‘Aurangzeb’ film music average, but powerful

Film: “Aurangzeb“; Music Directors: Amartya Rahut and Vipin Mishra; Singers Sashaa Agha, Ram Sampath, Keerthi Sagathia, K. Mohan, Marianne D’Cruz Aiman, Vipin Mishra.

The music album of director Atul Sabharwal’s debut movie “Aurangzeb”, a crime thriller, has five tracks and its four musical versions. The compositions are interesting and centred around power, which is in sync with the theme.

The first track is “Barbadiyaan”, a peppy number sung by Ram Sampath and Sashaa Agha. The lyrics have an undertone of darkness, but energetic composition makes it a party track. Infused with electro beats, it becomes more interesting when Ram goes behind the mike. The music is not extraordinary, but interesting.

The next track is “Jigra fakira”, which is sung beautifully by Keerthi Sagathia. The song has a touch of folk and Sufi music. The music becomes overwhelming when the violin starts playing. The song may not appeal to everyone, but music lovers should definitely lend an ear to the song.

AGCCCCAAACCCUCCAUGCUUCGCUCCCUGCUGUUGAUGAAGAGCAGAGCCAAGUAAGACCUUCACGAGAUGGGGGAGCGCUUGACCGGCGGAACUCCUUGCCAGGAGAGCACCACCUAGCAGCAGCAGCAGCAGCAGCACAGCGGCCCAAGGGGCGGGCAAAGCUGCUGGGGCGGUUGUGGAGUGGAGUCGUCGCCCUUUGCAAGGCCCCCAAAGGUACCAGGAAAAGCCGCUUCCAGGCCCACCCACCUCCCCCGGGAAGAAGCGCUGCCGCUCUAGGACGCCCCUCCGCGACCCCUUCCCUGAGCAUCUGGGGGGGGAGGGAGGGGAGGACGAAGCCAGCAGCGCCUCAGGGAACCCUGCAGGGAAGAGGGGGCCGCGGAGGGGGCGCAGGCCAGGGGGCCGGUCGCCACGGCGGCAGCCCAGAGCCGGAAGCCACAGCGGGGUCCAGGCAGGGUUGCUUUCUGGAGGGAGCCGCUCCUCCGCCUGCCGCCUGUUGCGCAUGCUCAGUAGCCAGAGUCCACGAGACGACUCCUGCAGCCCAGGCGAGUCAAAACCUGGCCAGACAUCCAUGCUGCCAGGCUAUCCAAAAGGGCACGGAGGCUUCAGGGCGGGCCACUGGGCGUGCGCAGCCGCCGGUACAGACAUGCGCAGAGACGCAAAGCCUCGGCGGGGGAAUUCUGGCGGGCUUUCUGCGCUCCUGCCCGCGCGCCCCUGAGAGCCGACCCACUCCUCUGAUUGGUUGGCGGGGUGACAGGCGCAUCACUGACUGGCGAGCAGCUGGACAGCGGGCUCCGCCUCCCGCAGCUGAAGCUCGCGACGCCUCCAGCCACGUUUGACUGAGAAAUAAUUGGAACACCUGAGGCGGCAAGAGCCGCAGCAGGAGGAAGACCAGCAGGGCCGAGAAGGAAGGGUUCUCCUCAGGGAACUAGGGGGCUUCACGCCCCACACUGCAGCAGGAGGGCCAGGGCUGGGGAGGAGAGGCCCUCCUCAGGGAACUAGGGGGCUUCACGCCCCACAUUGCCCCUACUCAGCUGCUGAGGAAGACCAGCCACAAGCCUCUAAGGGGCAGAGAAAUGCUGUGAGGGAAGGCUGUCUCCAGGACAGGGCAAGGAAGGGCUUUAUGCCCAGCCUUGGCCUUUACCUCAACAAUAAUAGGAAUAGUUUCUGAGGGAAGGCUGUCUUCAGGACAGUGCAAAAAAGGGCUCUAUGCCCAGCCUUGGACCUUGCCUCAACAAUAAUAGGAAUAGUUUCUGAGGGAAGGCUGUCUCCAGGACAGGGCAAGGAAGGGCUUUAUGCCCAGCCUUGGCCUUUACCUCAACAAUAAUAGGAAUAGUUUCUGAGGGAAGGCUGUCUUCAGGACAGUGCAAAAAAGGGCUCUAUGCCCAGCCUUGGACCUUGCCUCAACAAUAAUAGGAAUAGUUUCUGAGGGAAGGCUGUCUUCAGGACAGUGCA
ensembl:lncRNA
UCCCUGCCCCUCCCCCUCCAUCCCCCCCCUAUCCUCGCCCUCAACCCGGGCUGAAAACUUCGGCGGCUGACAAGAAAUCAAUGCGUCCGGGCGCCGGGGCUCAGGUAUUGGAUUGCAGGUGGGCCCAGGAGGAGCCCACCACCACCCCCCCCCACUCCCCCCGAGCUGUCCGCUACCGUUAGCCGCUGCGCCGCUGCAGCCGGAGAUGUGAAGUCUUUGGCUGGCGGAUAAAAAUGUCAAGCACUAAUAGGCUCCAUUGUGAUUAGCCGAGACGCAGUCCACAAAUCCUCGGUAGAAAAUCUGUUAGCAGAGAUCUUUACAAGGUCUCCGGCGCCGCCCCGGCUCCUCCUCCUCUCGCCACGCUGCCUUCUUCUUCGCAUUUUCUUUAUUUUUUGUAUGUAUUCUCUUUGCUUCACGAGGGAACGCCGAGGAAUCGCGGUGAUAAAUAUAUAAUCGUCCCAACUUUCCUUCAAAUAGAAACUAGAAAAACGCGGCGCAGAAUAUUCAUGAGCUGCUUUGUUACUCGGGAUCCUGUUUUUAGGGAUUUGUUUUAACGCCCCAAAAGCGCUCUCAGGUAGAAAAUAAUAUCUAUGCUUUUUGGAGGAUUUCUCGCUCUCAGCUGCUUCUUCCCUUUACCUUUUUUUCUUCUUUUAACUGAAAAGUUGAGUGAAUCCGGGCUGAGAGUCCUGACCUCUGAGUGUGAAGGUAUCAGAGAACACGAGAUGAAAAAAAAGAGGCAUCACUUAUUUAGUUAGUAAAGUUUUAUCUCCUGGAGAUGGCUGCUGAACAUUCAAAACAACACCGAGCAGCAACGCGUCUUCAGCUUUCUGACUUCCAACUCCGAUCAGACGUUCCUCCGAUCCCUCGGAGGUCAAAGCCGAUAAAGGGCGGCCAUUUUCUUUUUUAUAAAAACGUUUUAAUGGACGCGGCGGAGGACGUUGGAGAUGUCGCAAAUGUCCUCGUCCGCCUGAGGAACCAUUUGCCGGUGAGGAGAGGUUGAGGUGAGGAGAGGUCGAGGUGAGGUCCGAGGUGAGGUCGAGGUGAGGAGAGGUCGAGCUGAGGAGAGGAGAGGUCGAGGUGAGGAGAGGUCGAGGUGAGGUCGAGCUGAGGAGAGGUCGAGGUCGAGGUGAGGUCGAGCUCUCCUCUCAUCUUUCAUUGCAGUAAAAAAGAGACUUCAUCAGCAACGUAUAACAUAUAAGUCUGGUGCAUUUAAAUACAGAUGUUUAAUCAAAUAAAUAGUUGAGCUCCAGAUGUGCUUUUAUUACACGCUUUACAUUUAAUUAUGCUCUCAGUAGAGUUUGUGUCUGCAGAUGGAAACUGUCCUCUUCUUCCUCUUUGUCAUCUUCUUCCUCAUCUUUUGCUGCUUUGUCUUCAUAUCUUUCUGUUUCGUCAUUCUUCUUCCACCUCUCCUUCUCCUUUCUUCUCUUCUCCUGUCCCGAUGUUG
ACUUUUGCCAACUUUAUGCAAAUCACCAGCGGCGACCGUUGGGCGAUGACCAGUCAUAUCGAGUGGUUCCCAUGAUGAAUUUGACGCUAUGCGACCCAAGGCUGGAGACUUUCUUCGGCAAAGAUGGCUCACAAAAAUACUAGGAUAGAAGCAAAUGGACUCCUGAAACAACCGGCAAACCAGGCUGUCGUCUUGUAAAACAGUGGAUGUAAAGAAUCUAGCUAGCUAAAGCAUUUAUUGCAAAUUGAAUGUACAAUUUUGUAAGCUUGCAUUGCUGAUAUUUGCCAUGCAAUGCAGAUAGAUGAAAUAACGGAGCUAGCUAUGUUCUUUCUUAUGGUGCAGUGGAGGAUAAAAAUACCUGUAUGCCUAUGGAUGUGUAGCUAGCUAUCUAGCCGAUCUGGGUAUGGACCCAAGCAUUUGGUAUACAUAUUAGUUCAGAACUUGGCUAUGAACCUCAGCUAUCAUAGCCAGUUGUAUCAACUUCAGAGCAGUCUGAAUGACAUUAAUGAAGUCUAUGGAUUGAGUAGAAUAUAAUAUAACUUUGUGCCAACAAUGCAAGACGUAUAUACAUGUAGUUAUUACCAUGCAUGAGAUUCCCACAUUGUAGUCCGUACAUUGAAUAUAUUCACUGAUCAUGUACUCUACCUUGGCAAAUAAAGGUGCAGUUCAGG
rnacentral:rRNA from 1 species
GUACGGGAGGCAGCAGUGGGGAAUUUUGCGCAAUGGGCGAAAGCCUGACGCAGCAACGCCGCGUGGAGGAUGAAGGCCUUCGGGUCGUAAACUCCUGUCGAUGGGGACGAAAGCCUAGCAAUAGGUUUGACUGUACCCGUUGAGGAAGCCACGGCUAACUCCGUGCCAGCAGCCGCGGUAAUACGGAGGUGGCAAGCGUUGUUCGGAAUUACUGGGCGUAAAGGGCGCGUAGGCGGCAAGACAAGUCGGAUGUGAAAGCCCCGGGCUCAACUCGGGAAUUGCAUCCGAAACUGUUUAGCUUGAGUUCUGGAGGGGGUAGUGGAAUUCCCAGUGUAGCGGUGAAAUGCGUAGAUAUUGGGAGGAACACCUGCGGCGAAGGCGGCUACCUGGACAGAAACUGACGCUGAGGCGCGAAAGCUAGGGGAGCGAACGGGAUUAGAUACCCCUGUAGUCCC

“Barbaadi” follows next. It has similar lyrics to the one sung by Sashaa and Ram, but the music and tone of the song are completely different. Singer K. Mohan’s voice is so magical that you are hooked to it. Since the song has a grave appeal, it is best heard when alone.

Next is the title track “Aurangzeb” and is sung by Marianne D’Cruz Aiman. It talks about Mughal emperor Aurangzeb and hence has all the required grandness. There is a choir, which supports the singer. In short, a powerful number!

Then there is “Aurangzeb rock”; rock version of previous number and Vipin Mishra has lent his voice for the song. It has sound of drums and guitars, all that a ‘rock version’ would need. Suddenly, it becomes smooth and silent. Vipin’s voice has the required aggression and passion for the song. It is very well channelised composition.

The album also has four instrumental versions titled “Trial by fire”, “Battleground Gurgaon”, “The father’s truth” and “Aurangzeb Orchestra”.

“Aurangzeb” has interesting compositions and the music is well put together, but not an all round soundtrack as it won’t appeal to the masses.

Hear it for its interesting songs.

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